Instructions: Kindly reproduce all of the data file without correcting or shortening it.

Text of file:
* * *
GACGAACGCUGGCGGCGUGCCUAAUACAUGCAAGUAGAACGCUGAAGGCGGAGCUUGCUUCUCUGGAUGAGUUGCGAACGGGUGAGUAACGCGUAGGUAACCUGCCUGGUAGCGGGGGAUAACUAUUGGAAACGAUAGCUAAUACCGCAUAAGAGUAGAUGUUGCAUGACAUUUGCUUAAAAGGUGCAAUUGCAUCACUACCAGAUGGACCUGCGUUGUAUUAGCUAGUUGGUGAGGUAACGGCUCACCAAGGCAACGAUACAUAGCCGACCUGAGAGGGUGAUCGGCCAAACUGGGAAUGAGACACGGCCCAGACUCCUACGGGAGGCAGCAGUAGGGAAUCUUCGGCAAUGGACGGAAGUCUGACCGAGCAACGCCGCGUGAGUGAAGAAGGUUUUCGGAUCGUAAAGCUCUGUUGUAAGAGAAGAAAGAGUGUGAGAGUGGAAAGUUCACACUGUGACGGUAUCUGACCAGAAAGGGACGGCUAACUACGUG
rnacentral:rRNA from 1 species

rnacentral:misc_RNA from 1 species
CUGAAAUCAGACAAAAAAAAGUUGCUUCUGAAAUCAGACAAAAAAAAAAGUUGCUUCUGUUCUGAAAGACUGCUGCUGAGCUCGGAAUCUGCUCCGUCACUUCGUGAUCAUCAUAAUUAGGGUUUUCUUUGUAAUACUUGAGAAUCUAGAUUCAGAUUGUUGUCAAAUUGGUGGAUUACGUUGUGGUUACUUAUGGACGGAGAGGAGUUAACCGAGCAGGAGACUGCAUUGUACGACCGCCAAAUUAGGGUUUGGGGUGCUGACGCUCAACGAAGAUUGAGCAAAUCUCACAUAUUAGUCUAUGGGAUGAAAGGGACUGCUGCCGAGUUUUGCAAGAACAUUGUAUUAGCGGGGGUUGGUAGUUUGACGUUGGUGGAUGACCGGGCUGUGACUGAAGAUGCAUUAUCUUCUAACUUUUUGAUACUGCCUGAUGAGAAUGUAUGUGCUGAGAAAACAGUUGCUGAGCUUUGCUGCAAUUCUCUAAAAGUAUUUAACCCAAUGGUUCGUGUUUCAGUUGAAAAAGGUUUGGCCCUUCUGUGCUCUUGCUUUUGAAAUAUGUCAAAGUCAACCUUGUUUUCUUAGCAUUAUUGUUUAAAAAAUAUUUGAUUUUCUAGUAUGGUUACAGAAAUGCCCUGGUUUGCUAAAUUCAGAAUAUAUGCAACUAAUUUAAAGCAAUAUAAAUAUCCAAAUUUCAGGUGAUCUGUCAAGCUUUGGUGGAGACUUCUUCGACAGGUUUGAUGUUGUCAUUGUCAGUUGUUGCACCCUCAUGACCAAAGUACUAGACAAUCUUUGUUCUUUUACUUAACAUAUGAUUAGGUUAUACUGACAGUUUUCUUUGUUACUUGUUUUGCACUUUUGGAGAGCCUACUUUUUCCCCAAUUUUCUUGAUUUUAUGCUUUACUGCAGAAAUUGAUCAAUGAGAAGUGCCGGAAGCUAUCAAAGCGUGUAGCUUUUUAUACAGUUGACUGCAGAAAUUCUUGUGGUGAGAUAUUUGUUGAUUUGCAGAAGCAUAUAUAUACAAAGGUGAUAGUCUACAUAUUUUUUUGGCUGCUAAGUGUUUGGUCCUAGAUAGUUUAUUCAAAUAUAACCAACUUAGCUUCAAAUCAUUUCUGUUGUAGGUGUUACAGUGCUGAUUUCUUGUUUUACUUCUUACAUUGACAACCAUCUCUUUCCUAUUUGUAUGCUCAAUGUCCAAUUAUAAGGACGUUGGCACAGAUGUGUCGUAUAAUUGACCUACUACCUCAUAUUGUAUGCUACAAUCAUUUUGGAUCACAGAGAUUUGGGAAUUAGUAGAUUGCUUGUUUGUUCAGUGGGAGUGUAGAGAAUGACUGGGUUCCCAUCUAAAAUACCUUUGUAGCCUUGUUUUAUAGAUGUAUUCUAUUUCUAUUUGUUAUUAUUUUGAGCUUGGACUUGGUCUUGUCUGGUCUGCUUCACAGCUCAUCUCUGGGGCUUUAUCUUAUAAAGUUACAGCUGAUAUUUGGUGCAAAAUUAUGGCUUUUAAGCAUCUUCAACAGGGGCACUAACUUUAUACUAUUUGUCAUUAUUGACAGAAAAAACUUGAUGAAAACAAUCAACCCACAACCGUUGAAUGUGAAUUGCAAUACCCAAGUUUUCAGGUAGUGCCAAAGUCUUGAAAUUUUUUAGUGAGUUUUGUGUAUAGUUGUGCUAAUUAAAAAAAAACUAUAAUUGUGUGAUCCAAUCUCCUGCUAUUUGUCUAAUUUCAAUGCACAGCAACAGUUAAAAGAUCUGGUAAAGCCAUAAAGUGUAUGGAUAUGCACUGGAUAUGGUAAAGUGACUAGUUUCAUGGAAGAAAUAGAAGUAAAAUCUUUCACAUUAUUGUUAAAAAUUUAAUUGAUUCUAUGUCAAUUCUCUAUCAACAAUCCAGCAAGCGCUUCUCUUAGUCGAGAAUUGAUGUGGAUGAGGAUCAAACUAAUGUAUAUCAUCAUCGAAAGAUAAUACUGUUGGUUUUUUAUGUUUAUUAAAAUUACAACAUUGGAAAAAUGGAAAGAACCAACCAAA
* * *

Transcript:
GACGAACGCUGGCGGCGUGCCUAAUACAUGCAAGUAGAACGCUGAAGGCGGAGCUUGCUUCUCUGGAUGAGUUGCGAACGGGUGAGUAACGCGUAGGUAACCUGCCUGGUAGCGGGGGAUAACUAUUGGAAACGAUAGCUAAUACCGCAUAAGAGUAGAUGUUGCAUGACAUUUGCUUAAAAGGUGCAAUUGCAUCACUACCAGAUGGACCUGCGUUGUAUUAGCUAGUUGGUGAGGUAACGGCUCACCAAGGCAACGAUACAUAGCCGACCUGAGAGGGUGAUCGGCCAAACUGGGAAUGAGACACGGCCCAGACUCCUACGGGAGGCAGCAGUAGGGAAUCUUCGGCAAUGGACGGAAGUCUGACCGAGCAACGCCGCGUGAGUGAAGAAGGUUUUCGGAUCGUAAAGCUCUGUUGUAAGAGAAGAAAGAGUGUGAGAGUGGAAAGUUCACACUGUGACGGUAUCUGACCAGAAAGGGACGGCUAACUACGUG
rnacentral:rRNA from 1 species

rnacentral:misc_RNA from 1 species
CUGAAAUCAGACAAAAAAAAGUUGCUUCUGAAAUCAGACAAAAAAAAAAGUUGCUUCUGUUCUGAAAGACUGCUGCUGAGCUCGGAAUCUGCUCCGUCACUUCGUGAUCAUCAUAAUUAGGGUUUUCUUUGUAAUACUUGAGAAUCUAGAUUCAGAUUGUUGUCAAAUUGGUGGAUUACGUUGUGGUUACUUAUGGACGGAGAGGAGUUAACCGAGCAGGAGACUGCAUUGUACGACCGCCAAAUUAGGGUUUGGGGUGCUGACGCUCAACGAAGAUUGAGCAAAUCUCACAUAUUAGUCUAUGGGAUGAAAGGGACUGCUGCCGAGUUUUGCAAGAACAUUGUAUUAGCGGGGGUUGGUAGUUUGACGUUGGUGGAUGACCGGGCUGUGACUGAAGAUGCAUUAUCUUCUAACUUUUUGAUACUGCCUGAUGAGAAUGUAUGUGCUGAGAAAACAGUUGCUGAGCUUUGCUGCAAUUCUCUAAAAGUAUUUAACCCAAUGGUUCGUGUUUCAGUUGAAAAAGGUUUGGCCCUUCUGUGCUCUUGCUUUUGAAAUAUGUCAAAGUCAACCUUGUUUUCUUAGCAUUAUUGUUUAAAAAAUAUUUGAUUUUCUAGUAUGGUUACAGAAAUGCCCUGGUUUGCUAAAUUCAGAAUAUAUGCAACUAAUUUAAAGCAAUAUAAAUAUCCAAAUUUCAGGUGAUCUGUCAAGCUUUGGUGGAGACUUCUUCGACAGGUUUGAUGUUGUCAUUGUCAGUUGUUGCACCCUCAUGACCAAAGUACUAGACAAUCUUUGUUCUUUUACUUAACAUAUGAUUAGGUUAUACUGACAGUUUUCUUUGUUACUUGUUUUGCACUUUUGGAGAGCCUACUUUUUCCCCAAUUUUCUUGAUUUUAUGCUUUACUGCAGAAAUUGAUCAAUGAGAAGUGCCGGAAGCUAUCAAAGCGUGUAGCUUUUUAUACAGUUGACUGCAGAAAUUCUUGUGGUGAGAUAUUUGUUGAUUUGCAGAAGCAUAUAUAUACAAAGGUGAUAGUCUACAUAUUUUUUUGGCUGCUAAGUGUUUGGUCCUAGAUAGUUUAUUCAAAUAUAACCAACUUAGCUUCAAAUCAUUUCUGUUGUAGGUGUUACAGUGCUGAUUUCUUGUUUUACUUCUUACAUUGACAACCAUCUCUUUCCUAUUUGUAUGCUCAAUGUCCAAUUAUAAGGACGUUGGCACAGAUGUGUCGUAUAAUUGACCUACUACCUCAUAUUGUAUGCUACAAUCAUUUUGGAUCACAGAGAUUUGGGAAUUAGUAGAUUGCUUGUUUGUUCAGUGGGAGUGUAGAGAAUGACUGGGUUCCCAUCUAAAAUACCUUUGUAGCCUUGUUUUAUAGAUGUAUUCUAUUUCUAUUUGUUAUUAUUUUGAGCUUGGACUUGGUCUUGUCUGGUCUGCUUCACAGCUCAUCUCUGGGGCUUUAUCUUAUAAAGUUACAGCUGAUAUUUGGUGCAAAAUUAUGGCUUUUAAGCAUCUUCAACAGGGGCACUAACUUUAUACUAUUUGUCAUUAUUGACAGAAAAAACUUGAUGAAAACAAUCAACCCACAACCGUUGAAUGUGAAUUGCAAUACCCAAGUUUUCAGGUAGUGCCAAAGUCUUGAAAUUUUUUAGUGAGUUUUGUGUAUAGUUGUGCUAAUUAAAAAAAAACUAUAAUUGUGUGAUCCAAUCUCCUGCUAUUUGUCUAAUUUCAAUGCACAGCAACAGUUAAAAGAUCUGGUAAAGCCAUAAAGUGUAUGGAUAUGCACUGGAUAUGGUAAAGUGACUAGUUUCAUGGAAGAAAUAGAAGUAAAAUCUUUCACAUUAUUGUUAAAAAUUUAAUUGAUUCUAUGUCAAUUCUCUAUCAACAAUCCAGCAAGCGCUUCUCUUAGUCGAGAAUUGAUGUGGAUGAGGAUCAAACUAAUGUAUAUCAUCAUCGAAAGAUAAUACUGUUGGUUUUUUAUGUUUAUUAAAAUUACAACAUUGGAAAAAUGGAAAGAACCAACCAAA